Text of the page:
In Cornwall, we are blessed with an amazing network of footpaths to reach many of the best spots for seeing wildlife. We asked John Alden of iwalknorthcornwall.co.uk to recommend five circular walks where he’s seen loads of wildlife.
The Mouls (also known as Puffin Island) is one of the last places on the North Coast where the once numerous Atlantic Puffin can still be seen.
Only 100 years ago, there were vast puffin colonies all along the coast and most of these colonies are now completely extinct; the reason why remains a mystery.
The Mouls also provides nesting sites for a range of other seabirds, from the massive gannets and black-backed gulls to the petite razorbills and guillimots.
The islet is actually the tip of an iceberg: beneath the water is a vast reef that rapidly rises 100 feet from the sea bed. Due to the protruding headlands and the large mouth of the Camel Estuary, strong tidal currents pass around the reef and carry food to waiting predators. This makes it a good place to see pods of dolphins: I’ve seen both common dolphins and bottlenose dolphins around The Mouls and off Pentire Point.
Another thing to look out for is a fin flapping from side-to-side on the surface of the water: this is likely to be an Ocean Sunfish, which are quite often seen in Port Isaac Bay in the summer. These bizarre-looking disc-shaped fish are the world’s largest bony fish with full-grown adults weighing over a tonne. They drift in the ocean currents feeding on plankton and in between, lie on their side at the surface and sunbathe.
This stretch of coast mid-way between Tintagel and Port Isaac has no road access and is consequently quite isolated.
Tregardock beach is a mile long beach of beautiful golden sand at low tide which is unlikely to have more than 10 people on it even in the height of summer.
The beach has plenty of rockpools, but is only accessible around low tide, so time your walk carefully if you want to include some rockpooling.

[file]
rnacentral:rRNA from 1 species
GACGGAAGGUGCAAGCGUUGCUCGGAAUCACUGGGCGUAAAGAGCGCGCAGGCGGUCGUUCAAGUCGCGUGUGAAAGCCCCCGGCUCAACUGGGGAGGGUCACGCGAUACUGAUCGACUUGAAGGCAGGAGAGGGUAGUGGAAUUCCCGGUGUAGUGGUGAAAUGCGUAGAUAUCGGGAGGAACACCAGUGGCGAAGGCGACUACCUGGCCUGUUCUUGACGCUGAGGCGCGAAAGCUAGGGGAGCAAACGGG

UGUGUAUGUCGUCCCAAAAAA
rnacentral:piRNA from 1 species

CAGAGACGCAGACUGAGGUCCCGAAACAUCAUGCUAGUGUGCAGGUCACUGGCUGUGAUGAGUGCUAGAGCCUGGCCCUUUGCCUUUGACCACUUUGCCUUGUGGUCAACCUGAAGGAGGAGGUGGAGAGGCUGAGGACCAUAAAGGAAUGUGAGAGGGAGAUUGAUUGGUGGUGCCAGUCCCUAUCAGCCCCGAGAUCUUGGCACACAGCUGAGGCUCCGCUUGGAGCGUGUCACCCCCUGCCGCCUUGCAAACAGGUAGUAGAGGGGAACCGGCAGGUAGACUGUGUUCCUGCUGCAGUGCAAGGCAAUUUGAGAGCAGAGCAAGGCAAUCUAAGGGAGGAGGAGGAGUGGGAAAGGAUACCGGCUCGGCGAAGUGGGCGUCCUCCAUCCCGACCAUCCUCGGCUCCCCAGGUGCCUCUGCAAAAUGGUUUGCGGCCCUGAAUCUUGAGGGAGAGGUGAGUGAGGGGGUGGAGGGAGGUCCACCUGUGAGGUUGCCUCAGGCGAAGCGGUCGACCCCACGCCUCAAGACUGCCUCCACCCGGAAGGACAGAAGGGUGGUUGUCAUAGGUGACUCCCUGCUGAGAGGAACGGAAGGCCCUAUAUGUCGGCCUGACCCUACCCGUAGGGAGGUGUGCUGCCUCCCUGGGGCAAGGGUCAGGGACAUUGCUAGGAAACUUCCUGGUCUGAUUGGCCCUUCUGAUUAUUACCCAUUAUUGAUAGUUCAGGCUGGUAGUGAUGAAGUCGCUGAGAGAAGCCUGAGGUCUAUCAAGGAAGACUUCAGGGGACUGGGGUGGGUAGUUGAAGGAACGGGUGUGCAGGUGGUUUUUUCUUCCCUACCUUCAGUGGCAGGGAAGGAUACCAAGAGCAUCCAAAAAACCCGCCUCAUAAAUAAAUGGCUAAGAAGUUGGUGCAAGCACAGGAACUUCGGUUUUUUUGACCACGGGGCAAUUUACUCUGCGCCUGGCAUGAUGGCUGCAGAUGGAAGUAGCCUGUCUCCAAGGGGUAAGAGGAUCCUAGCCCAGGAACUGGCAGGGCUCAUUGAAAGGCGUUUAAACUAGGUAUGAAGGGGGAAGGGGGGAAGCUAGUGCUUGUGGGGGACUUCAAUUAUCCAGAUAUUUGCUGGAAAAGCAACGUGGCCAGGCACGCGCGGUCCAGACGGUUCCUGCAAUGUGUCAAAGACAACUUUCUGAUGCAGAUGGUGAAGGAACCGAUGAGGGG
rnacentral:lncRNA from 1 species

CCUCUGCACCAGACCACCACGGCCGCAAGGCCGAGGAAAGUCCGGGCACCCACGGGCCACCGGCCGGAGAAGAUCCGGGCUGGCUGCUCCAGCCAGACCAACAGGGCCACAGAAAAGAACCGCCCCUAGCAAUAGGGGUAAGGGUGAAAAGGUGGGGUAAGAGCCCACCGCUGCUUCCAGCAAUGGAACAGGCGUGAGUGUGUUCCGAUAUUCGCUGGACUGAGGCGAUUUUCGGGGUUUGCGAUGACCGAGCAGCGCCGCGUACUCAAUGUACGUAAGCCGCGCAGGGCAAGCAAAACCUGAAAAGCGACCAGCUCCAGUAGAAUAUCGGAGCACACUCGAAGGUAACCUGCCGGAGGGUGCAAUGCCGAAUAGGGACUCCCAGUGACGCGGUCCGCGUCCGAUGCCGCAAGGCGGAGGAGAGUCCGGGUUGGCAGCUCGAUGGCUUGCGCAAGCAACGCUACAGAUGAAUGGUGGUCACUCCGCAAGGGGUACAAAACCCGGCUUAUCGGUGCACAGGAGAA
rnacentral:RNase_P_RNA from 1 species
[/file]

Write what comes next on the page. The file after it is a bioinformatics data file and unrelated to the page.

There has been a manor at Dannonchapel for around 1000 years, but the hamlet was finally abandoned in the 20th Century and is now owned by the National Trust; cattle and fox cubs now wander through the ruined farm buildings.
For the best chances of seeing mammalian wildlife, do this walk early in the morning: last time I was there I saw foxes, deer and a stoat, all on the same walk.
Dannonchapel was one of the westernmost of the coastal slate quarries surrounding Tintagel. Like the hamlet, the quarry was also abandoned. On an island joined by a narrow isthmus, you can still see rows of finished roofing slates. The original name for Dannon (in the days before any “chapel” was built) was Duuenant which meant “deep valley”; this valley is home to buzzards and kestrels, and you may see peregrines too as these nest along the coast here.
Although the clue is in the name, there are actually two Holy Wells competing for the title at Holywell. The likely original is the one in a sea cave that can only be reached at low tide, created by a freshwater spring dissolving limestone (probably from fragments of seashell). The dissolved calcium carbonate then precipitated into the series of white basins covered in blood-red algae which may well have had a certain appeal to knife-wielding druids.
The headlands of The Kelseys and West Pentire and the adjoining Cubert Common nature reserve provide a good habitat for kestrels which can be seen carrying off prey such as lizards in their talons.